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Unsprinklered East Yorkshire plastics factory destroyed by huge blaze

23 December 2021

AT THE END of November, a major incident was declared when fire engulfed – and then completely destroyed – an unsprinklered plastics factory located in Hessle, East Yorkshire. The devastating blaze consumed about 300 tonnes of rigid plastic and required a multi-agency response at the site which is nestled among residential properties.

The blaze at Bridgewood UK’s plastic products factory near Hull on Wednesday 24 November required the attendance of 150 firefighters from the Humberside Fire and Rescue Service, ten appliances and specialist equipment including aerial ladder platforms and high-volume pumps. Local residents reported hearing explosions, while the fire sent plumes of toxic black smoke high above Hull and across the River Humber.

While staff escaped the blaze unharmed, the impact on the local community and environment was significant, with local road closures, residents forced to evacuate their homes due to harmful smoke and a number of measures employed to minimise the impact of pollution to the local environment.

The fire event developed high volumes of smoke and was monitored by the Environment Agency. Furthermore, fire water run-off in local watercourses required monitoring. While the disposal of the destroyed 8,000-10,000 m2 building will cause an adverse environmental impact, the materials and resources required to repair and rebuild it will incur significant financial costs.

Aftermath of the blaze

Ten days after the fire, 120 staff employed at the factory were laid off due to the site’s closure and the fact that the business is no longer trading. This prompted a local food wholesaler to offer temporary jobs to those left out of work over the Christmas period.

The episode follows on from a recent plastics factory fire earlier this year. In September, a fire destroyed operations at Capital Valley Plastics in Wales. What’s left of the Capital Valley Plastics building is currently being demolished before rebuilding works can begin to be considered.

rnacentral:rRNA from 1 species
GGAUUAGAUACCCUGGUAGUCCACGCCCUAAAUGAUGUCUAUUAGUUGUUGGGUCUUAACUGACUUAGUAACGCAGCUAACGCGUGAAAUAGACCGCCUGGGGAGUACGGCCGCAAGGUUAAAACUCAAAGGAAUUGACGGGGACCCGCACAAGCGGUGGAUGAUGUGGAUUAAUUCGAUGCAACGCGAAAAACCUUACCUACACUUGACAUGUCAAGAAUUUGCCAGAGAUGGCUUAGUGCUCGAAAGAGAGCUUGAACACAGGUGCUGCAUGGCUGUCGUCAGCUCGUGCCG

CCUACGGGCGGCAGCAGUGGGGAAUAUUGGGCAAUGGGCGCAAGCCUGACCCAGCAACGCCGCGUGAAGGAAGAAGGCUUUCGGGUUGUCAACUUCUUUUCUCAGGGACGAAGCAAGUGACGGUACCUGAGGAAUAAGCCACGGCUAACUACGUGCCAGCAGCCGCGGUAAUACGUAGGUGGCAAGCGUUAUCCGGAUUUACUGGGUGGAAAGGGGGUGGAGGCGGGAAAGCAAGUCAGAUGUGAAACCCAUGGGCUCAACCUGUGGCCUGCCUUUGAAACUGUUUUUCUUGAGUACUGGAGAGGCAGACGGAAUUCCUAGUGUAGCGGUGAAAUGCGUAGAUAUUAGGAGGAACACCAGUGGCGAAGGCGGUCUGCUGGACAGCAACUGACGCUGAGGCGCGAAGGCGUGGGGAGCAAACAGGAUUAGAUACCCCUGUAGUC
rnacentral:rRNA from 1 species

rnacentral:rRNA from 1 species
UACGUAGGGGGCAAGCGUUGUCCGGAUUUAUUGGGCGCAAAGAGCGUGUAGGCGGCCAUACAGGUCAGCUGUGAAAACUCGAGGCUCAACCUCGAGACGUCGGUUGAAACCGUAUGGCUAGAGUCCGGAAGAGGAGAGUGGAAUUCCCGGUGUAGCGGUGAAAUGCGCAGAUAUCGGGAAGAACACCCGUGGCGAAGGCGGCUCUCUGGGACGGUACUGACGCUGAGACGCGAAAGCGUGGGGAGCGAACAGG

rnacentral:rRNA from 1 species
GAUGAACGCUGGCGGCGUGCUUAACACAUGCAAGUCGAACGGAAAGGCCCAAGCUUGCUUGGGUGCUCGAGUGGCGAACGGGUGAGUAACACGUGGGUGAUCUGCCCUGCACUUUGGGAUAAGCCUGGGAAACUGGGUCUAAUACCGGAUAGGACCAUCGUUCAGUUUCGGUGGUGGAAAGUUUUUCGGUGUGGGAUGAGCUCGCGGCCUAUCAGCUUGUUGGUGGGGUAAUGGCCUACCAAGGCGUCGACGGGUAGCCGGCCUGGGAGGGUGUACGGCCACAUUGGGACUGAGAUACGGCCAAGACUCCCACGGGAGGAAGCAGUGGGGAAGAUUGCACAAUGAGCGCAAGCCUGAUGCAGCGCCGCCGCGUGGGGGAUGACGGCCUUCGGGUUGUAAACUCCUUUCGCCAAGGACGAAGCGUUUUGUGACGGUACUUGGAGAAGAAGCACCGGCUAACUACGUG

“History tells us that fire can exert a significant impact on a business,” explained Iain Cox, chair of the Business Sprinkler Alliance. “In the same business area, in fact, this was clearly highlighted during a blaze at Total Polyfilm, a plastics manufacturer similar to Bridgewood UK, back in 2016. The business failed to fully recover from the devastating blaze, which took place at the firm’s plastic film factory in Bamber Bridge, near Preston. After the rebuild of the factory the business subsequently went into administration in 2019 with the loss of over 200 jobs.”

Cox added: “Contrast the total loss of the Bridgewood UK and Total Polyfilm factories to a fire that happened in February 2016 at a similar plastics manufacturer (namely BPI) in the West Country. The company returned to operation within 24 hours, the difference being that the BPI factory had a sprinkler system installed to suppress and contain fires.”

Combination of strategies

In conclusion, Cox noted: “Preventing large and costly fires is possible through a combination of strategies. One of the most effective methods is the use of sprinkler systems which contain and control fires before the Fire and Rescue Service arrives at the scene. These systems minimise the wider impact of unmanageable fires, reducing costs to businesses and the economy as a whole. Importantly, by limiting any fire damage, they allow businesses to resume operations quickly, and often within hours of an incident occurring.”

*Further information on the Business Sprinkler Alliance is available online at www.business-sprinkler-alliance.org